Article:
In the vast landscape of global geopolitics, China’s presence in Africa has never failed to raise eyebrows and provoke speculation.
The African continent has long been a theater of controversy, with accusations hurled at the Asian giant, ranging from resource exploitation to debt entrapment and even challenges to sovereignty.
However, amidst this cacophony of concerns, one recent development stands out as particularly sinister and perilous: China’s potential involvement in the ongoing conflict in Somalia.
Recent investigations by Kenyan police have unveiled a startling revelation—the main source of smuggled military equipment into Somalia can be traced back to none other than China.
This illicit channel of weaponry, masterminded by a controversial Kenyan-Chinese tycoon named Zakariya Kamal Sufi Abashiek, allegedly supplied arms to the notorious Al Shabaab terrorist group.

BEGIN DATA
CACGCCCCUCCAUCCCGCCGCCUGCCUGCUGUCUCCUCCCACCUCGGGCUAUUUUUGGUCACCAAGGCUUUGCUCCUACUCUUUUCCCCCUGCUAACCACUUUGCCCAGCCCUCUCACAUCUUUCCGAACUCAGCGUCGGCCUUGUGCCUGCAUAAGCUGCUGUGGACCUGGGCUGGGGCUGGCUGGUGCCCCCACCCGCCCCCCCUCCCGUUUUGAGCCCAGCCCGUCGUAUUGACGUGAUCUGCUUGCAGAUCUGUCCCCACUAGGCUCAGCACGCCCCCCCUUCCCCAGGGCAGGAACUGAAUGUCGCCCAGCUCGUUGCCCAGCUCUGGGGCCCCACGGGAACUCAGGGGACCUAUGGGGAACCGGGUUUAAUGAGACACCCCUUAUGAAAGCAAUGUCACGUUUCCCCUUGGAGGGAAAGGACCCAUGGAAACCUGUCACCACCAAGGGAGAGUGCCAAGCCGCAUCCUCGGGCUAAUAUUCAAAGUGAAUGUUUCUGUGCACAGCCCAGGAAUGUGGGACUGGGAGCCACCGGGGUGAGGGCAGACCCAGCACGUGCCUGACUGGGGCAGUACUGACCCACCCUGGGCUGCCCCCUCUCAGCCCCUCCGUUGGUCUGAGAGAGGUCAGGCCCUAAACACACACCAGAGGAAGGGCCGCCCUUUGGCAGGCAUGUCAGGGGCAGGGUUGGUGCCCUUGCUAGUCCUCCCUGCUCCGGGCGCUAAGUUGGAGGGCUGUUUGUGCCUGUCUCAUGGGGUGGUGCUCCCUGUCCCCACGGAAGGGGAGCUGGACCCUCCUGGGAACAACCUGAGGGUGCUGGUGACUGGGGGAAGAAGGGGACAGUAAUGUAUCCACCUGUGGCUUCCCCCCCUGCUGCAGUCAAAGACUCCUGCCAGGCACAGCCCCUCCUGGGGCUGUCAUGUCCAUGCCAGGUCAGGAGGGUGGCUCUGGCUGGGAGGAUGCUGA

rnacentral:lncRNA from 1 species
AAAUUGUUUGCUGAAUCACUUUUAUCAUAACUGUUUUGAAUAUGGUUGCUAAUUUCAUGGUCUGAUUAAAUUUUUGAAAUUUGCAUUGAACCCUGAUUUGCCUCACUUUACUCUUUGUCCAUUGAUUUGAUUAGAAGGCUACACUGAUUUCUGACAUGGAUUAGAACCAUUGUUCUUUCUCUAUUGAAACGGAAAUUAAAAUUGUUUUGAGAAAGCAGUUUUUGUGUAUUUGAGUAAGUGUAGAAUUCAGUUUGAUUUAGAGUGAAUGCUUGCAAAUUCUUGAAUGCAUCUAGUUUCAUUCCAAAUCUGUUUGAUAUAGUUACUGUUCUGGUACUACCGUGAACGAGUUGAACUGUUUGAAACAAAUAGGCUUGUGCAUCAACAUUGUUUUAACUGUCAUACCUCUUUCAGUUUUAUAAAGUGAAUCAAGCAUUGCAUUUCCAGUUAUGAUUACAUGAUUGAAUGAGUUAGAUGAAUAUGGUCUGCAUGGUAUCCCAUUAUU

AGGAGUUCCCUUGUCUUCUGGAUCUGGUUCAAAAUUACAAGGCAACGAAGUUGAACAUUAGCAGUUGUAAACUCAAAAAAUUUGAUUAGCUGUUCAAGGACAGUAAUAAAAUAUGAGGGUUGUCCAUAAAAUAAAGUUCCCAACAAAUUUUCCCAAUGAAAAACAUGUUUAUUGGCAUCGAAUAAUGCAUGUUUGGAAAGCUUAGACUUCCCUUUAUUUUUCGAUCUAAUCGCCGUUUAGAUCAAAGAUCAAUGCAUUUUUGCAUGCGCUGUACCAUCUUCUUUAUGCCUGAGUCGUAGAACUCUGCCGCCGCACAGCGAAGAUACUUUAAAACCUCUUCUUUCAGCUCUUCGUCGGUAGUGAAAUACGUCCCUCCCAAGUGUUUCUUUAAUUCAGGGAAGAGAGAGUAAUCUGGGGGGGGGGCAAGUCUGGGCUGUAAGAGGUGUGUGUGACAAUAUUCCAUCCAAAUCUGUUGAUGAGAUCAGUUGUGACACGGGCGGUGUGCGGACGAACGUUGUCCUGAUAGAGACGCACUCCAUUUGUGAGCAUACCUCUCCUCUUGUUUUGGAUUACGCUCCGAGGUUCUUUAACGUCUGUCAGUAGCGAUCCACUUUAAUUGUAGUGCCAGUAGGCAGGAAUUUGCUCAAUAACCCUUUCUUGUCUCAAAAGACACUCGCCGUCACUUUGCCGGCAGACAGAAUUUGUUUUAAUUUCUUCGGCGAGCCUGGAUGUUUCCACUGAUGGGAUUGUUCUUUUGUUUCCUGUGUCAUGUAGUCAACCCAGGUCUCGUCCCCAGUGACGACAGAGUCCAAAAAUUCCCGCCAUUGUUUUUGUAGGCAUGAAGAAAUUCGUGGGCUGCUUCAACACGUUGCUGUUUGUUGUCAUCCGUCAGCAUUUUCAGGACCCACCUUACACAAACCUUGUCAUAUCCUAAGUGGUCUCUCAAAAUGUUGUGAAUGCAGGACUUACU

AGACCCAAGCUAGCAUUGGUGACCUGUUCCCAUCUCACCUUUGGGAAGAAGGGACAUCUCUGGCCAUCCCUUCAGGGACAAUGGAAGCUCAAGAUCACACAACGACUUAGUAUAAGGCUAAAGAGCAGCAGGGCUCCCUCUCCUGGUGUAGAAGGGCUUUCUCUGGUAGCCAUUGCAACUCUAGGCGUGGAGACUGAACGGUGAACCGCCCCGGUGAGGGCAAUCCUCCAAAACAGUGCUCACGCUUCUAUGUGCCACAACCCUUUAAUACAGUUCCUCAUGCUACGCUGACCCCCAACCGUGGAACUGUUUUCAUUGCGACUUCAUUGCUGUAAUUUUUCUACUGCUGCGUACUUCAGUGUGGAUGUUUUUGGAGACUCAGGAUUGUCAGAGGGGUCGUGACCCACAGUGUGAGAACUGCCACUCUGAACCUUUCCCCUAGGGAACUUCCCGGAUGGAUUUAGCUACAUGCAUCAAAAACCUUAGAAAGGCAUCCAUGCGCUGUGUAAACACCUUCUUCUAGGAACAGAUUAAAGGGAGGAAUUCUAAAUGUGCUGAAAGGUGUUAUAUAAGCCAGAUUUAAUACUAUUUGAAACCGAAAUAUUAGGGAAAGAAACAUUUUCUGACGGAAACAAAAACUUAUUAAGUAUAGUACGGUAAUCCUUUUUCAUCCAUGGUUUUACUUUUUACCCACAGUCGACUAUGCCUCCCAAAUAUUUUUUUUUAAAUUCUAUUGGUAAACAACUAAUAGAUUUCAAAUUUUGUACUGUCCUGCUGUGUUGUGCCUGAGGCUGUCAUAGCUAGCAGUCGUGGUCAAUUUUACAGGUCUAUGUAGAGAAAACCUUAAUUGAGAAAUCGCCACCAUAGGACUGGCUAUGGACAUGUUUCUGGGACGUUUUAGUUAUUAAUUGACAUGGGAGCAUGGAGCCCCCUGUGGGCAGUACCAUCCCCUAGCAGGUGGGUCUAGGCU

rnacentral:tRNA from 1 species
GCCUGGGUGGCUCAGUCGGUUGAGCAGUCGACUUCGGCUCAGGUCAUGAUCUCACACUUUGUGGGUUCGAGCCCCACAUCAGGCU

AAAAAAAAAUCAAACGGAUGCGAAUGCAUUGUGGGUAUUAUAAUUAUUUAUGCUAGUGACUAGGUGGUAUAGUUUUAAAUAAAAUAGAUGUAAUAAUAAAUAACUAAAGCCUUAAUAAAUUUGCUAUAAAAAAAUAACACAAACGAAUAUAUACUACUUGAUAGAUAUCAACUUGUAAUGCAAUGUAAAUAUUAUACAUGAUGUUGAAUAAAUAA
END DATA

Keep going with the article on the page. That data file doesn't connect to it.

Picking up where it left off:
It’s a plotline straight out of a thriller, but it’s unfolding right before our eyes.
Who is Zakariya Kamal?
Picture this: Zakariya Kamal, was arrested on June 27th, 2023, as Somali authorities intercepted one of his containers at the port of Mogadishu.
What did they discover within its steel confines?
An alarming cache of military gear, comprising rifles, grenades, rocket launchers, bulletproof vests, night vision goggles, and drones.
But that wasn’t the end of it.
Two other containers believed to be part of this treacherous shipment had already reached their destination, now in the hands of Al Shabaab.
Zakariya Kamal, in a stunning admission, confessed to procuring this equipment from China, utilizing his dual citizenship and an intricate network of contacts.